Still, Proto admits there is an uneasiness when it comes to earning fame off the back of a tragedy. “It’s a really strange one,” she said. “I wanted to stress in all the interviews and promo I've done for the song that although Sarah Everard’s tragic death was a catalyst for the song, it isn’t ‘in her memory,’ as I think that would be insensitive to those who knew her personally. It’s been a really fine line with the release, trying to stay on the side of awareness, instead of promotional and personal gain. I’m incredibly grateful for the reaction the song has had, though I am aware of the connotations given the timing. However, I think, more unfortunately, that there would never be a time where a case wouldn’t pop into someone’s mind when hearing something about this topic.”
The young singer remembers the first time she was cat-called very clearly. She was 12 or 13 years old, and doing a charity showcase for the older residents of the village she’s from, a small parish in southeast England called Lower Breeding. “We’d sing songs, do comedy, act, dance, make up sketches—the stuff you do when you’re 12 and think you’re the next Taylor Swift,” Proto explained. She was passing out tea to an elderly man when he said “something along the lines of, ‘Oh, wha I would do if I were younger,’ or ‘those legs!’” Proto recalled.
“It was the first time I was suddenly like—what do I say to that? I felt dirty and shameful with the fact that it happened to me,” Proto said. The next year, she began working at her local pub, which is still one of her favorite places in the world and the first venue she ever gigged. But it was also an education in sexist micro-aggressions. “There were all sorts of remarks like that,” she said. “People thought they could get away with it, because I was young and vulnerable.”
When Proto was 15, she and a friend walked into town on the hottest day of the year. It was about an hour-long trip, and Proto remembers getting honked and jeered at six times by different men. “Six times! And it was so obvious that my friend and I were young. I went home to my mom and told her and she went, ‘Yeah. that’s going to start happening now.’”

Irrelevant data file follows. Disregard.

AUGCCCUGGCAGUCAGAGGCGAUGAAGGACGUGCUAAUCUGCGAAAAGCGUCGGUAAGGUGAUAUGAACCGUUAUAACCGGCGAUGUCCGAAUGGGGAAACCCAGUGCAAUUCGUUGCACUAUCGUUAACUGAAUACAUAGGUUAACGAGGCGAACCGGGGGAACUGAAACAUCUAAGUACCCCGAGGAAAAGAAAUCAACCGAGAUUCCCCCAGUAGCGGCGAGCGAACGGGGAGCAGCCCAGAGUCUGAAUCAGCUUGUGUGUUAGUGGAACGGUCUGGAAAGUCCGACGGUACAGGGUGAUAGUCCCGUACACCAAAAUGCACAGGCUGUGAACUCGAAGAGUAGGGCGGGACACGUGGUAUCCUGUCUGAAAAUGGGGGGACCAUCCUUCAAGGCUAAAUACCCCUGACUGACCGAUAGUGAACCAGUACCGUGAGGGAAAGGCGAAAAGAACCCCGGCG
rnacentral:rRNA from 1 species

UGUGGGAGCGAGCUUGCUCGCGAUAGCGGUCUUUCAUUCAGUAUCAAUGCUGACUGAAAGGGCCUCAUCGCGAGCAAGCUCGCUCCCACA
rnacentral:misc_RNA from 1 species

Proto grew up in a music-obsessed family; her parents would put on David Bowie, Queen, and Elton John. Her grandmother kept an old guitar around the house that she gave to Proto when she was around 10 years old. She learned how to play one chord. It was so exciting to her that she played the same chord, and nothing else, for two years. When her parents got sick of it, she learned the song “This Train is Bound for Glory.” She taught herself for a few years, and then began seeing a guitar teacher who taught her the rest.
Going to an all-girls’ school taught Proto the language of female empowerment: “That experience teaches you that women are incredible and really strong and can do whatever they want,” she said. “But it also teaches you that women are so oppressed. It teaches you the prejudices.” She mentioned having to campaign for a music tech course; the nearby boys’ school got one, but administrators assumed young women wouldn’t be interested in those classes. “I hated that,” she said. “That set off a bit of a fire in me.”